So this CityLab/SF SPUR article has been making the social media rounds recently. It argues that the San Francisco’s crisis of housing supply and affordability has been caused by the failed policies of 70s and 80s SF progressives, either by intent or a tragic set of unintended consequences (i.e., either SF progressives are mean and nasty or stupid).
The question, though, that this line of reasoning can’t answer is this: why is it that at roughly the same time, in roughly the same shape, with roughly the same consequences, this pattern of housing crisis appeared not just in cities up and down the west coast from Vancouver to San Diego, not just in major US cities across the country, but globally?
And given that, how is it possible to explain a genuinely global phenomenon by way of very local, place-based political decision-making? The fact is, I think, that local housing markets have been internationalized, at least in terms of the flow of money across borders. This is a new reality, a function of neoliberalism as pernicious as any other – and the traditional theories and conventional wisdom about how local housing supply and demand functions – hence the policies that ought to be followed (not to mention who gets the blame) no longer makes sense.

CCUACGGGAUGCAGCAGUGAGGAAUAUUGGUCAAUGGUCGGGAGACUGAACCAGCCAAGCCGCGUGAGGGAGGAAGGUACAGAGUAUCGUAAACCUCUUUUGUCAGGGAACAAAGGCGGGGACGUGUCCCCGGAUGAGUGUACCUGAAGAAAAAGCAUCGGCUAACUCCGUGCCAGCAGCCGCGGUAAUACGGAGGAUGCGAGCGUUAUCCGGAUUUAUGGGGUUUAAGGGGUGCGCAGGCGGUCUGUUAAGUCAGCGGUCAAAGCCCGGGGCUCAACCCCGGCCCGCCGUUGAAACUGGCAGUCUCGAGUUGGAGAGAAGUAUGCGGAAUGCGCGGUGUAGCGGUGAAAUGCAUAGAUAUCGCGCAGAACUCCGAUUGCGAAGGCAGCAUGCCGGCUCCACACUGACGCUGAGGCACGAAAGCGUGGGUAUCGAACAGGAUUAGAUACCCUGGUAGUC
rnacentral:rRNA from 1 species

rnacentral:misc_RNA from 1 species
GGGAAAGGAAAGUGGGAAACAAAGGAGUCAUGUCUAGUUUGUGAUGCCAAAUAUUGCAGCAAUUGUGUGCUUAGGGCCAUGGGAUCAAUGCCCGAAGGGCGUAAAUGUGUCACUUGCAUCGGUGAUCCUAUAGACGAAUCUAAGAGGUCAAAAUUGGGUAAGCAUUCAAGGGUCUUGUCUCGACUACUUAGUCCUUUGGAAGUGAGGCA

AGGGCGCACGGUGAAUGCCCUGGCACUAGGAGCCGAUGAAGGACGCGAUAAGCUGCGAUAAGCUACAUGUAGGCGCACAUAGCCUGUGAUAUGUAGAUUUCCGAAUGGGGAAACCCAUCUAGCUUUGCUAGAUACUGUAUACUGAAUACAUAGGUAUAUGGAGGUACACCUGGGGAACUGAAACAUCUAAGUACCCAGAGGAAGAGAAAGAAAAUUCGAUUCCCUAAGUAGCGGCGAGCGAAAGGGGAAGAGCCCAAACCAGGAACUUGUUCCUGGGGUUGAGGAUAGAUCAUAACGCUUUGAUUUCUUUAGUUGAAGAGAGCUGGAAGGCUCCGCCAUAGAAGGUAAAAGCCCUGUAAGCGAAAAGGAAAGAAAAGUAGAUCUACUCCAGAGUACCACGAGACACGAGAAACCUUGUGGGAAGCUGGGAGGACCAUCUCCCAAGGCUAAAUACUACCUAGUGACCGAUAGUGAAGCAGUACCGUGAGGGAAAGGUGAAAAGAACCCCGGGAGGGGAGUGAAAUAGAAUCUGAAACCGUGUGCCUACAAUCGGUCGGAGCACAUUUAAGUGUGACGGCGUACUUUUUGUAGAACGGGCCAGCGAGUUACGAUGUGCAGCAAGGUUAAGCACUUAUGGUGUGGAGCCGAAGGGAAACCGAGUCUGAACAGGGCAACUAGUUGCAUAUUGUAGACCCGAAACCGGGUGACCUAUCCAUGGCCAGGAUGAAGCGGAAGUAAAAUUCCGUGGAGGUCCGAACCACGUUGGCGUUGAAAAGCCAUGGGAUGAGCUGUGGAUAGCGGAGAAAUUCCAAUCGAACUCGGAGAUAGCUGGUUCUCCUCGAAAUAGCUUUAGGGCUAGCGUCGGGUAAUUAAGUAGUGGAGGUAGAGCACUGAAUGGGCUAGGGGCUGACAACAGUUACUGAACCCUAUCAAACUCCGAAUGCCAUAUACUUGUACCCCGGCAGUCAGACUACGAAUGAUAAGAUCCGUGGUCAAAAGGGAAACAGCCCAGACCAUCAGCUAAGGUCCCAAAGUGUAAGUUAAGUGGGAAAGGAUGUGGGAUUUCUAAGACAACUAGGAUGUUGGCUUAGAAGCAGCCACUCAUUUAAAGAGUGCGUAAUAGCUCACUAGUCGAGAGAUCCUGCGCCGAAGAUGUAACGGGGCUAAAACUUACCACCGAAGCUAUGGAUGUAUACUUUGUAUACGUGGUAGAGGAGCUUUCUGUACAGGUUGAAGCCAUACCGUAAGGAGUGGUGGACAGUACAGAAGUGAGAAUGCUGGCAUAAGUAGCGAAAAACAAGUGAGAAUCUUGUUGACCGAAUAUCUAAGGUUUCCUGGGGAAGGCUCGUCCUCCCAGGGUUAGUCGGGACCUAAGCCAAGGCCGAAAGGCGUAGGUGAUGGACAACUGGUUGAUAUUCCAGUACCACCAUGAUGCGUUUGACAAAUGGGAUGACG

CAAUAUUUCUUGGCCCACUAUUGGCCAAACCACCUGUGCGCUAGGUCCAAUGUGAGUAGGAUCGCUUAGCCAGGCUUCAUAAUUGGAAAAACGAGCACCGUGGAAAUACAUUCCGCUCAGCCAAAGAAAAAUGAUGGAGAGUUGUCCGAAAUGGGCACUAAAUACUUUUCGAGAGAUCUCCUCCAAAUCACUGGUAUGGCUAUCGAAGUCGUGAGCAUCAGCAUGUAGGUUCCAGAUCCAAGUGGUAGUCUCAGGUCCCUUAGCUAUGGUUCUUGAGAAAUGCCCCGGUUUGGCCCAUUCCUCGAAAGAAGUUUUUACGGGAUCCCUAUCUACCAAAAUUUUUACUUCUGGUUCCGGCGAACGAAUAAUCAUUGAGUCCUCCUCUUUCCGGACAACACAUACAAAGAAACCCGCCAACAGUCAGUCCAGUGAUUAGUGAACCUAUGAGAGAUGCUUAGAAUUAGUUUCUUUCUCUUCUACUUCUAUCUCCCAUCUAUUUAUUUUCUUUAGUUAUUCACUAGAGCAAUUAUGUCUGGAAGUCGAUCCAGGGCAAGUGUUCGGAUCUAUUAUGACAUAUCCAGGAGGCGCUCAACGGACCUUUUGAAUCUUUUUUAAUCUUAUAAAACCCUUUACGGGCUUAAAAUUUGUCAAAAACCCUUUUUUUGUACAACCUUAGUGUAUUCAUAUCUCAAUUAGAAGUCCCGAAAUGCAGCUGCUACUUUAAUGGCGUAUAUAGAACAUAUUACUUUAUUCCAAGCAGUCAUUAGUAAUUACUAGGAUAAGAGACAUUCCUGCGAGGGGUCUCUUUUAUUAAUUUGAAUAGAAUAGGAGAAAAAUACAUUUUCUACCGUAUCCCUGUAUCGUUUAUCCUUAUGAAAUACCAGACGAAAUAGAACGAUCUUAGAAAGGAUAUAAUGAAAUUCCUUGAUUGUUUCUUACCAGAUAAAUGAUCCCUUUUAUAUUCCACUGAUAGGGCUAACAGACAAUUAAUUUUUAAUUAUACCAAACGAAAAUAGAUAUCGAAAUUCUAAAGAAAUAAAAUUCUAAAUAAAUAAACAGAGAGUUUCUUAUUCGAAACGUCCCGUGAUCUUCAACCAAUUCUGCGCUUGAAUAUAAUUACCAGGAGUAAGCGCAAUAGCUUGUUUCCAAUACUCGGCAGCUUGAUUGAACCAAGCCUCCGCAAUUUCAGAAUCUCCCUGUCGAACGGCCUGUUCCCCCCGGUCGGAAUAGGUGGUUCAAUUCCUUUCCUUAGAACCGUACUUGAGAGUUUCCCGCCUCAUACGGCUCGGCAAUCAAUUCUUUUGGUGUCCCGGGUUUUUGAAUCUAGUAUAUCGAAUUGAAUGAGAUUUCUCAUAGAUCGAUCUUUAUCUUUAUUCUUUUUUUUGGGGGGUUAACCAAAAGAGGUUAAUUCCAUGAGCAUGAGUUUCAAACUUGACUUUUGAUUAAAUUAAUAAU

That’s Jim Russell’s point here. Before we all join in a chorus of blaming a few local policies and people for what’s really a global systemic failure, his argument about what’s causing our troubles needs to be brought into the debate. Read the rest of this entry »